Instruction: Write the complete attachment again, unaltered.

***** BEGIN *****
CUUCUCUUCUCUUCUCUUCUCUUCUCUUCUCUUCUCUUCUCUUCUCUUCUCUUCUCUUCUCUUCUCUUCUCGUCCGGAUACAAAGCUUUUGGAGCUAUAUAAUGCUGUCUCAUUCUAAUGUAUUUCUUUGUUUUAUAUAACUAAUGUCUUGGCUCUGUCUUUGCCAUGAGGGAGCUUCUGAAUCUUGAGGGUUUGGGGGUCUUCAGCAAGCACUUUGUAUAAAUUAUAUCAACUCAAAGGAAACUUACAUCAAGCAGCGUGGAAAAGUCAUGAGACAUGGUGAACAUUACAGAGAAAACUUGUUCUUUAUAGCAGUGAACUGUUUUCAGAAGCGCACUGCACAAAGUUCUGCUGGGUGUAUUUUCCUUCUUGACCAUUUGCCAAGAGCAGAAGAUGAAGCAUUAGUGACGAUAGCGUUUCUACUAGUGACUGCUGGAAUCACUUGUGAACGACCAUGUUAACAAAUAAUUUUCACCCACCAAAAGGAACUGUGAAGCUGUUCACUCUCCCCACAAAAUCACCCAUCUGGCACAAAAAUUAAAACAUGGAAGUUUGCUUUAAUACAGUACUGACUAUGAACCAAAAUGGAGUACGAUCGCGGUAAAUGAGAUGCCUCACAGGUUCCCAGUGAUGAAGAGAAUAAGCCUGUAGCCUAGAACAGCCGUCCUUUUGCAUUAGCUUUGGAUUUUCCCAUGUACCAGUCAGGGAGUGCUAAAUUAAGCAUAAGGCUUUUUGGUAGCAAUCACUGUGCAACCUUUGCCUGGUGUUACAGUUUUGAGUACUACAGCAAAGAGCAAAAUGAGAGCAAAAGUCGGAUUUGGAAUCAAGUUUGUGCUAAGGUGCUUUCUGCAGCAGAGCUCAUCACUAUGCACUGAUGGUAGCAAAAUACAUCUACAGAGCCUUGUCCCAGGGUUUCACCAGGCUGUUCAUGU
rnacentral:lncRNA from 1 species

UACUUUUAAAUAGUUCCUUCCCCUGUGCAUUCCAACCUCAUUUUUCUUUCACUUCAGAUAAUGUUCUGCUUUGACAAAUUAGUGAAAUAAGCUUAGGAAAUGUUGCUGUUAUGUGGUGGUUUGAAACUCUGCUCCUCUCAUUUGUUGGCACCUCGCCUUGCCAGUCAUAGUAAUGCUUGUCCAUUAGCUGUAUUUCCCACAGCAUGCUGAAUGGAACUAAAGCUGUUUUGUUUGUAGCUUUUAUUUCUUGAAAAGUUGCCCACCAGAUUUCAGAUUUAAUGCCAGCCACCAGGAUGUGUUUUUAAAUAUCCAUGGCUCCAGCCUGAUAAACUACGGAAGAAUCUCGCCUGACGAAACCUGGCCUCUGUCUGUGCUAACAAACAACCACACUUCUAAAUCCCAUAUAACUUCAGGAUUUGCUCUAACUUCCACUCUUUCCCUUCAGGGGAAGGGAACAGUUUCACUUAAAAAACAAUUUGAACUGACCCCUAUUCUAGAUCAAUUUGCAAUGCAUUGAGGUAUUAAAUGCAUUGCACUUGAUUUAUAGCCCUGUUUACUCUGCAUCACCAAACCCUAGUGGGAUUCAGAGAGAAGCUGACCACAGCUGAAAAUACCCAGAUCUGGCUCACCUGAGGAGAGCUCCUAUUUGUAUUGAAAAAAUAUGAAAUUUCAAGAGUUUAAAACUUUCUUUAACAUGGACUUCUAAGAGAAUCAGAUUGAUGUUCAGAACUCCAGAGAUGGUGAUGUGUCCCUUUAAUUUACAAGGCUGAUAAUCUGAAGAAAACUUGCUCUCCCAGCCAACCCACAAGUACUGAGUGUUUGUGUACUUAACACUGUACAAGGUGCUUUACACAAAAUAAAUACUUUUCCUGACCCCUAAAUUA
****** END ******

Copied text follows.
CUUCUCUUCUCUUCUCUUCUCUUCUCUUCUCUUCUCUUCUCUUCUCUUCUCUUCUCUUCUCUUCUCUUCUCGUCCGGAUACAAAGCUUUUGGAGCUAUAUAAUGCUGUCUCAUUCUAAUGUAUUUCUUUGUUUUAUAUAACUAAUGUCUUGGCUCUGUCUUUGCCAUGAGGGAGCUUCUGAAUCUUGAGGGUUUGGGGGUCUUCAGCAAGCACUUUGUAUAAAUUAUAUCAACUCAAAGGAAACUUACAUCAAGCAGCGUGGAAAAGUCAUGAGACAUGGUGAACAUUACAGAGAAAACUUGUUCUUUAUAGCAGUGAACUGUUUUCAGAAGCGCACUGCACAAAGUUCUGCUGGGUGUAUUUUCCUUCUUGACCAUUUGCCAAGAGCAGAAGAUGAAGCAUUAGUGACGAUAGCGUUUCUACUAGUGACUGCUGGAAUCACUUGUGAACGACCAUGUUAACAAAUAAUUUUCACCCACCAAAAGGAACUGUGAAGCUGUUCACUCUCCCCACAAAAUCACCCAUCUGGCACAAAAAUUAAAACAUGGAAGUUUGCUUUAAUACAGUACUGACUAUGAACCAAAAUGGAGUACGAUCGCGGUAAAUGAGAUGCCUCACAGGUUCCCAGUGAUGAAGAGAAUAAGCCUGUAGCCUAGAACAGCCGUCCUUUUGCAUUAGCUUUGGAUUUUCCCAUGUACCAGUCAGGGAGUGCUAAAUUAAGCAUAAGGCUUUUUGGUAGCAAUCACUGUGCAACCUUUGCCUGGUGUUACAGUUUUGAGUACUACAGCAAAGAGCAAAAUGAGAGCAAAAGUCGGAUUUGGAAUCAAGUUUGUGCUAAGGUGCUUUCUGCAGCAGAGCUCAUCACUAUGCACUGAUGGUAGCAAAAUACAUCUACAGAGCCUUGUCCCAGGGUUUCACCAGGCUGUUCAUGU
rnacentral:lncRNA from 1 species

UACUUUUAAAUAGUUCCUUCCCCUGUGCAUUCCAACCUCAUUUUUCUUUCACUUCAGAUAAUGUUCUGCUUUGACAAAUUAGUGAAAUAAGCUUAGGAAAUGUUGCUGUUAUGUGGUGGUUUGAAACUCUGCUCCUCUCAUUUGUUGGCACCUCGCCUUGCCAGUCAUAGUAAUGCUUGUCCAUUAGCUGUAUUUCCCACAGCAUGCUGAAUGGAACUAAAGCUGUUUUGUUUGUAGCUUUUAUUUCUUGAAAAGUUGCCCACCAGAUUUCAGAUUUAAUGCCAGCCACCAGGAUGUGUUUUUAAAUAUCCAUGGCUCCAGCCUGAUAAACUACGGAAGAAUCUCGCCUGACGAAACCUGGCCUCUGUCUGUGCUAACAAACAACCACACUUCUAAAUCCCAUAUAACUUCAGGAUUUGCUCUAACUUCCACUCUUUCCCUUCAGGGGAAGGGAACAGUUUCACUUAAAAAACAAUUUGAACUGACCCCUAUUCUAGAUCAAUUUGCAAUGCAUUGAGGUAUUAAAUGCAUUGCACUUGAUUUAUAGCCCUGUUUACUCUGCAUCACCAAACCCUAGUGGGAUUCAGAGAGAAGCUGACCACAGCUGAAAAUACCCAGAUCUGGCUCACCUGAGGAGAGCUCCUAUUUGUAUUGAAAAAAUAUGAAAUUUCAAGAGUUUAAAACUUUCUUUAACAUGGACUUCUAAGAGAAUCAGAUUGAUGUUCAGAACUCCAGAGAUGGUGAUGUGUCCCUUUAAUUUACAAGGCUGAUAAUCUGAAGAAAACUUGCUCUCCCAGCCAACCCACAAGUACUGAGUGUUUGUGUACUUAACACUGUACAAGGUGCUUUACACAAAAUAAAUACUUUUCCUGACCCCUAAAUUA